Catherine O’Connor, Pro-Vice-Chancellor for Education and Experience at Leeds Trinity University focuses on student support and employment services in order to create a more inclusive university environment.
GoodCourse Community Engagement Lead Kira Matthews spoke to Catherine about the strides she has been making within her institution to ensure that all students received a fair chance at success, and how inclusivity is promoted not just in university but in the wider community too.
I had been a journalist for 15 years and initially came to Leeds Trinity to teach journalism. Because of the industry work I had done, I was immediately interested in graduate employability, which evolved into an interest in learning and teaching. I became the acting Head of Department and my career progressed from there.
From the minute I arrived I loved it; if you had an idea about something that could make a difference to students you could use your creativity to realise it. I loved watching transformations in students. I've also had a lot of chances to keep evolving and contributing, which is really exciting for me.
We had only just signed off on a plan to roll out Microsoft Teams over a period of 18 months and when the pandemic hit we did it in just 2 months. We focused on staff development, put together a teaching model to support online delivery, and got involved in what was going on in the sector too. We also looked at what was failing and succeeding in other institutions and worked from that.
We were really keen to protect practical courses and had to think a lot about how we could continue those off-site. One of the things we did was survey students to see what smartphone access they had, and rolled out mini tripods and microphones during January lockdowns. We trialled software that allowed us to do live broadcasts online so students everywhere could do that for journalism and media courses, for example.
One of the key pillars is that we are a career-led university and we have placements in every degree, and a lot of my role is working with other departments to look at what that embedded learning looks like. We want this to be connected to their studies so they can apply their learning in the university and in the workplace, which is key.
We've also got a strong focus on making a difference in social justice and inclusivity, so we've made co-creation a key strand of learning, teaching and student experience. We want to have student voices at the centre, not just through surveys but by having them think about how assessment works, and whether they want to have a say in the content of the courses.
The need to make a difference is really reinforced right now due to the cost of living crisis and the current war in Europe — we want students to engage with the world and think of the impact they can have throughout their lives. That connects with what happens here in Leeds as a city; the council has many inclusivity strategies that help everyone to thrive - we want that to begin in education and go on past it too.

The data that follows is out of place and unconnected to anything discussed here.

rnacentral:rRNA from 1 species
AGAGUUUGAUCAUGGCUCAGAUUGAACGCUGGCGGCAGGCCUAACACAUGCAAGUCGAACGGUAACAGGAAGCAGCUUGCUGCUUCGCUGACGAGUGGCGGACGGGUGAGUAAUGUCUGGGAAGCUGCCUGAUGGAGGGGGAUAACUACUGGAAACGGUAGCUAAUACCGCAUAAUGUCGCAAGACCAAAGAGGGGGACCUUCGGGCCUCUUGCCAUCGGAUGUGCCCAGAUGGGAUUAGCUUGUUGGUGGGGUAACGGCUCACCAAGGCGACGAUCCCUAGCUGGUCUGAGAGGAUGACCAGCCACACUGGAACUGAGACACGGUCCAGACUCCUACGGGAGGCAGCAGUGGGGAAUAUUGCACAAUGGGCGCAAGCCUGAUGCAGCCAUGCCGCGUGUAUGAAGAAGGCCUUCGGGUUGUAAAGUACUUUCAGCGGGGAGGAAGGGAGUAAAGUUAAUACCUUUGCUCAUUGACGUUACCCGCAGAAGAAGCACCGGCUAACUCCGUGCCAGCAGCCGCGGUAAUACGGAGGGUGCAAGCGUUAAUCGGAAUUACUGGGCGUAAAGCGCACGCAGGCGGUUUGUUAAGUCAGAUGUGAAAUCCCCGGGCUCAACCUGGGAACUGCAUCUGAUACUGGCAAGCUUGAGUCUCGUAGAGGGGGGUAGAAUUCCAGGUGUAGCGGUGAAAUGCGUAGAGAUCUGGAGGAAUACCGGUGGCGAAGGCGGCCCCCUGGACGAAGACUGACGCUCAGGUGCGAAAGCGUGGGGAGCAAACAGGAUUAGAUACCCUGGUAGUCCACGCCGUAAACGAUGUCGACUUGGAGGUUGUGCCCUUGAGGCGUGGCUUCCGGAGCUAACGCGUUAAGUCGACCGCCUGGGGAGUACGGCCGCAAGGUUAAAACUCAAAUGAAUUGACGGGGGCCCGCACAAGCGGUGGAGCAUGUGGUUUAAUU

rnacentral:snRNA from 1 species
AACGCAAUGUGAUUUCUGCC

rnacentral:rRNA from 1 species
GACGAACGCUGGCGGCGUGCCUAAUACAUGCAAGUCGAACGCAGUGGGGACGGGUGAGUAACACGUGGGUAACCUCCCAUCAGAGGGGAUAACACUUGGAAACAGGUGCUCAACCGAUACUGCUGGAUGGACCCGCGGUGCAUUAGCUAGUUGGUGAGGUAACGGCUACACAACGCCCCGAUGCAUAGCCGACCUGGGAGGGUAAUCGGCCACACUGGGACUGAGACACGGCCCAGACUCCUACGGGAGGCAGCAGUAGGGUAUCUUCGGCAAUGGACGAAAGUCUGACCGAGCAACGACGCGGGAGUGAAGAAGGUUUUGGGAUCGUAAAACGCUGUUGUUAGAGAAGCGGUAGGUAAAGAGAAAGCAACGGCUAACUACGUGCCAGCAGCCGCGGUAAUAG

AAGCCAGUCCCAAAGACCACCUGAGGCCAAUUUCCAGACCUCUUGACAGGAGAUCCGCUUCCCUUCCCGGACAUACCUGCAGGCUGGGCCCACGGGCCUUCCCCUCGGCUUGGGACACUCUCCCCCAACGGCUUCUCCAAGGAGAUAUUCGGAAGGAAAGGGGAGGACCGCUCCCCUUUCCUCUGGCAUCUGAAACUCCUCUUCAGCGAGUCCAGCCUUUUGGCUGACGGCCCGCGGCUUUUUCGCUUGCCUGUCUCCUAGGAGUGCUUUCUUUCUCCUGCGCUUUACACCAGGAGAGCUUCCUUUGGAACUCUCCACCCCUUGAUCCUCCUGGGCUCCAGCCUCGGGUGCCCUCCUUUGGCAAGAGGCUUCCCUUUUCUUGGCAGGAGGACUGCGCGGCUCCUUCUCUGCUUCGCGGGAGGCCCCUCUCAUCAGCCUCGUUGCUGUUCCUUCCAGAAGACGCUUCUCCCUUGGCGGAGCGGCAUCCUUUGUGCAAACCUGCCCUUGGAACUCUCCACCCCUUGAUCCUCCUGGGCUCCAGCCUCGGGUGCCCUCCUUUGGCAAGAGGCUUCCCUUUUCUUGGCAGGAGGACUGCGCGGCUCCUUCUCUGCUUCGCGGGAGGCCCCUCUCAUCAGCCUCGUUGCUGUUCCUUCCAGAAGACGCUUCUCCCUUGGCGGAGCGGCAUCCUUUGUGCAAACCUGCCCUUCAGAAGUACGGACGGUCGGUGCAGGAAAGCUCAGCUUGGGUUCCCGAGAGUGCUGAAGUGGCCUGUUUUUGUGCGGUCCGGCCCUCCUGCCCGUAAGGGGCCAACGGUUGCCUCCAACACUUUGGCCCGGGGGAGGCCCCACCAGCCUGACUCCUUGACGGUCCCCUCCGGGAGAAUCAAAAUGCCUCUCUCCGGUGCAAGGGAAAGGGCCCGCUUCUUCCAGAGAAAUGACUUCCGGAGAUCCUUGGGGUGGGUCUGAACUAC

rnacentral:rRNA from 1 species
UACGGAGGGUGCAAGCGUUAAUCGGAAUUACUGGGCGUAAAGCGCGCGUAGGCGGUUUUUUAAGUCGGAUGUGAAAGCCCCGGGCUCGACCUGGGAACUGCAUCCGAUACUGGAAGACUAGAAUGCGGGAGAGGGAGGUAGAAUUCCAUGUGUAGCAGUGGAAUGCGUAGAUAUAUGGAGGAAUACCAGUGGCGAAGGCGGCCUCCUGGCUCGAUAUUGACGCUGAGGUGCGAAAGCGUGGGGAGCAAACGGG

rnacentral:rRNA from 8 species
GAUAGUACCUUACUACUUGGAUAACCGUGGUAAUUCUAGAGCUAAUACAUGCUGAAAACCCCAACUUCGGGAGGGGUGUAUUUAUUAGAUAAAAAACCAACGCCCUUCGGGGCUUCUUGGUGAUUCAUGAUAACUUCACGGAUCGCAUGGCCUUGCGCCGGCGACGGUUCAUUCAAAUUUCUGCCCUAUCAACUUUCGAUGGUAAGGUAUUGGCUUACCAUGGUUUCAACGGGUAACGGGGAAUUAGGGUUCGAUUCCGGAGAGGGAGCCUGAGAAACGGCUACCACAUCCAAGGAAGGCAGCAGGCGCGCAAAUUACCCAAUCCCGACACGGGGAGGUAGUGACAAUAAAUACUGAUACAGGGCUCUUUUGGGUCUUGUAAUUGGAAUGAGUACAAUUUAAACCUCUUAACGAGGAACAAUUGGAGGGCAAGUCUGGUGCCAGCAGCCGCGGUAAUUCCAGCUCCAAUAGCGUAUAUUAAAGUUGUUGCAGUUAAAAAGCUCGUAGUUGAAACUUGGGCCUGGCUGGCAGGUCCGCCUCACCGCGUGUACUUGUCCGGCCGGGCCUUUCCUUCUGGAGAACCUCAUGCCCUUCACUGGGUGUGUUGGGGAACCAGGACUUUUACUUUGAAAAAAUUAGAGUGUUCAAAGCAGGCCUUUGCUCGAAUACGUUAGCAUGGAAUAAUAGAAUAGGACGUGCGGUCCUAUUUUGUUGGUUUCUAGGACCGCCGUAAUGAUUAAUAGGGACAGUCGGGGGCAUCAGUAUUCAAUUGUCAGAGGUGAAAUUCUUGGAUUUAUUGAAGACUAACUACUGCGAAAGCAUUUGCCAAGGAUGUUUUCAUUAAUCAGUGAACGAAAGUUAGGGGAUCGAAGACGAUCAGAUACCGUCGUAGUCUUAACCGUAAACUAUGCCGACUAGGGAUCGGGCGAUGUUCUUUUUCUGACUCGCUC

The need to make a difference is really reinforced right now due to the cost of living crisis and the current war in Europe — we want students to engage with the world and think of the impact they can have throughout their lives.
We are running a big campaign this year called LTU Belong, which aims to ground students in the opportunities we offer and the ways they can connect. We want to show them that university is not just your timetable — there’s so much more on offer. We also run broader events such as lecture series and a journalism and media week, as well as social equity events, to show that university is about discovering what your interests are, as well as your degree.
Million Plus is about learning about what is going on in the sector, which is vital because we can speak collectively about what we are doing. The Steering Group is about promoting skills in the digital sector and helping students think of broader opportunities that can be available to students of all backgrounds who are willing to learn and develop critical thinking skills throughout university. I've run many initiatives in tandem with this such as a collaborative design project, to help embed digital skills in all degrees.
The work we've done with our new learning, teaching and academic experience strategy. On the back of that, we are developing a curriculum for social justice to embed key initiatives across all programmes to ensure we are making a real difference. I'm very proud of how these initiatives are connecting with one another.
It’s challenging and always changing, but that allows you to be creative and think about how you can make a difference as a part of a team.
Our Vice-Chancellor. The strategy we have now values inclusivity and belonging, and that has been really inspiring for me.
The one that has really stuck with me is Educated by Tara Westover. It made me reflect on the place of education and the importance of showing people its value.